By Dina Martin
Undocumented students will have an easier time gaining access to higher education institutions following the passage this summer of the California Dream Act, two bills that will allow them to apply for financial aid funded by the private and public sectors.
“I absolutely feel this is significant,” says Theresa Montaño, professor of education and Chicano studies at CSU Northridge and a CTA Board member representing higher education. “I can’t tell you how many students I have who fall into this category. They are great students, they are working their way through school — sometimes with three to four jobs — but they can’t get financial aid. This allows them to come out of the shadows.”
The first part of the two-part legislation, AB 130 by Assembly Member Gil Cedillo (D-Los Angeles), is limited to private scholarship funds. Nevertheless, its passage in July boosted the morale for immigrant rights advocates who have pushed for more recognition of California residents who were brought here illegally as children. It allows undocumented students who qualify for in-state tuition to apply for $88 million in private scholarships administered by UC, CSU, and the community college system.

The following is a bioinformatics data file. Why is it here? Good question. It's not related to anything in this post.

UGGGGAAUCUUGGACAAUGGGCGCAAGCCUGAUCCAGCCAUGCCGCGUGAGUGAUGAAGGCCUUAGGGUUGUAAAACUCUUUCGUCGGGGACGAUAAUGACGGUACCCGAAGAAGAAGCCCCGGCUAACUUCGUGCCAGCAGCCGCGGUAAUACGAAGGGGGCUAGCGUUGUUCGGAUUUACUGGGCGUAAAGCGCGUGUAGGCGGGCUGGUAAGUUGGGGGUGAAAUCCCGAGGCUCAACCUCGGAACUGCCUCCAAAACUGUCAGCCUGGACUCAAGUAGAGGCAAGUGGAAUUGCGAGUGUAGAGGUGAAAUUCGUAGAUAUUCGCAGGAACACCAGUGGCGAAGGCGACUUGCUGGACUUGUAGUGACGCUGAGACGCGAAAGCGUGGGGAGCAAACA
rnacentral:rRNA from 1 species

At press time, the second part of the legislation, AB 131, had been passed by the Legislature and was heading to the governor’s desk for approval. That bill is much broader, and would allow those students to receive statefunded scholarships and grants, including Cal Grants, which provide up to $12,192. The Legislature approved amendments sought by the governor that address the bill’s cost by narrowing eligibility and delaying implementation until 2013.
Previously, the California Dream Act was introduced as one bill, and was vetoed several times by Gov. Arnold Schwarzenegger. Dividing the bill into two parts allowed Gov. Brown to sign AB 130 without the political outcry of opponents who argued the state can’t afford to educate undocumented students.
Yet many educators maintain the state cannot afford not to provide access to education for undocumented students. Eileen Tejada, an instructor at Napa Valley College and the daughter of immigrants, described education as a “human right” at a news conference sponsored by the Napa Valley Dream Act Coalition.
Tejada said the California Dream Act is about giving every California student equal access to higher education. “We don’t need to build more prisons. What we need to do is open more doors to education.”
The California Dream Act, unlike the federal Dream Act, does not create a pathway to citizenship for these students, but supporters are ever hopeful, says Montaño. “It’s a baby step toward the federal Dream Act.”